This is a post from Brian Lindholm. He’s the Managing Principal and Owner of FedSavvy Strategies.
I love fielding questions from clients and prospective clients. I love the challenges posed. Such things keep me connected with what people are thinking and their needs. That keeps the FedSavvy Strategies team on our game.
Inevitably, there are common questions, comments, and topics that emerge. Give the below a read.
When should I do a Black Hat review? Timing is so important! The short answer is we like to target these to be executed 4-8 months before RFP release. Note that our timing is based on a large (> $100 million total contract value) and complex capture. Why?
- We’re assuming some meaningful capture work has already happened. The client has some interim to well-developed solution to test results against.
- The competitive landscape is fairly well-defined. Intelligence is never perfect, but we have a sense of which competitors are investing in a pursuit (so we can beat them).
- There will be sufficient time before the RFP to take some meaningful action with the outcome!
Do you support the same contract pursuit for multiple clients? This is a fair question. Answer: ABSOLUTELY NOT. We have a very distinct “one deal, one client” rule. There is no firewalling inside the team because the team working together is essential. When we commit to supporting a client on a contract pursuit, we do NOT do the same contract pursuit for another client. This cost us some serious $$$$ last year. However, integrity does not have a price. I would rather forego some money than ever compromise integrity. We will not act unethically just to earn some more $$$$.
We’re just bidding against “the usual suspects.” Oh really? How do you know this? Answer: you do NOT know this for certain. If I had a dollar for every time a “who the hell are these guys?” winner pulled off a Christmas Miracle… well, I’d have a big stack of cash. We live in a new world. Incumbency means very little. Markets change. Pressures to win and grow continue to mount. If you’re operating purely on what’s in your noggin (that’s the thing that sits on your shoulders) or mostly in RUMINT (rumor-based intelligence), I encourage you to do the below with your precious B&P dollars.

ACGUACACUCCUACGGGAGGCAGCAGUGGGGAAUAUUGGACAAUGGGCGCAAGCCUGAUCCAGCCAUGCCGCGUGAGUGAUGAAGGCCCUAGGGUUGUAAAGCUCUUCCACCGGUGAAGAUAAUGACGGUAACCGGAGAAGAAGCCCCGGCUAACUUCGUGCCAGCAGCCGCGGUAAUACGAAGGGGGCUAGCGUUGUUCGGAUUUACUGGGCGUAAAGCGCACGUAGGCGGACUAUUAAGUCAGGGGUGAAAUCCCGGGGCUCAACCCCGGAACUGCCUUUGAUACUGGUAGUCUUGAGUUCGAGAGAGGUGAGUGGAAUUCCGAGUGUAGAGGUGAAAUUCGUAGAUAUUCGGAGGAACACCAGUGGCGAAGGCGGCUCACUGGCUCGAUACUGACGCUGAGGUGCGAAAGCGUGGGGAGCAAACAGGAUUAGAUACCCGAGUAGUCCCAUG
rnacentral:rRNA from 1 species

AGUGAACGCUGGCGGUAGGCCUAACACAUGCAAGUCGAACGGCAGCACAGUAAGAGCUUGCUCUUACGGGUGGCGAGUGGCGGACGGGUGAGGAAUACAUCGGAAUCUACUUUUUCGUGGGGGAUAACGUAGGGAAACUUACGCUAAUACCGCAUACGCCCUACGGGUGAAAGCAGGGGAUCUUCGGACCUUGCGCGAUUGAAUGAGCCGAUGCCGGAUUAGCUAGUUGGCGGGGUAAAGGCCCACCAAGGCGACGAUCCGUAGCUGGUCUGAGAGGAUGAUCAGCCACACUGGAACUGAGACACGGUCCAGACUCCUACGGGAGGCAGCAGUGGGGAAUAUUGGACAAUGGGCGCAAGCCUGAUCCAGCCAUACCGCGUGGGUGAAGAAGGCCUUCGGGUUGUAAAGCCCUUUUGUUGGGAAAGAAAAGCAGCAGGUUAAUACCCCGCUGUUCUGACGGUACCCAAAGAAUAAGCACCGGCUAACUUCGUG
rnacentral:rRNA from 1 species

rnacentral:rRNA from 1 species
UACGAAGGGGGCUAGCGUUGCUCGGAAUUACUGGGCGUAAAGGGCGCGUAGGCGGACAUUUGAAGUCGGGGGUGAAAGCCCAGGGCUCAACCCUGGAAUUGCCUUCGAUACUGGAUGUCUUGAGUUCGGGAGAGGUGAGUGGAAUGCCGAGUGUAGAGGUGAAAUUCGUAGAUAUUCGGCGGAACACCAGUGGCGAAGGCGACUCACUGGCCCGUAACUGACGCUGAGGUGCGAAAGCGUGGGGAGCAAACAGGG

How do you get around this?
- Challenge yourself with something like a competitive environmental scan. We’ve challenged teams – especially INCUMBENT teams – through the scan process to identify competitors who are making clear investments and pursuits aligning with a client pursuit.
- Do something as basic as Analysis of Competing Hypotheses (ACH) to challenge your ideas with *gasp* real evidence. We use ACH to execute quick assessments of possible competitors.
How do I apply the results of a Black Hat review? This is critical. Why? We’re not doing these reviews for fun. Think about the very basic definition of competitive intelligence from *sigh* Wikipedia.
Competitive intelligence (CI) is the action of defining, gathering, analyzing, and distributing intelligence about products, customers, competitors, and any aspect of the environment needed to support executives and managers in strategic decision making for an organization.
Read that definition. The Black Hat review is a formal exercise to take CI as a means to inform decisions and then ENGAGE IN ACTION. Say it with me!
“ENGAGE IN ACTION!”
Friends, if you’re not moving the results of the Black Hat review into meaningful actions to drive your capture forward and your chance to win up…why bother? Analysis without action is just pointless. Which leads to the next point…
We’re just doing this to check the box because corporate makes us do this. Good for you. Go to someone else. Seriously! I am NOT interested in checking boxes. I am interested in contributing to WINS. If you’re going to do something, do it with purpose to gain real benefit. Sure, we could do a job and then collect the money. However, I LOVE WINNING. If you’re just going through the motions, we will know this and we’re not going to be at our best. Save your B&P for something else. You’ll need it.
That’s all for now. Stay tuned to the FedSavvy Strategies blog for more information on competitors and techniques in competitive and market intelligence to help you succeed.
Stay focused. Do your homework. Happy hunting!
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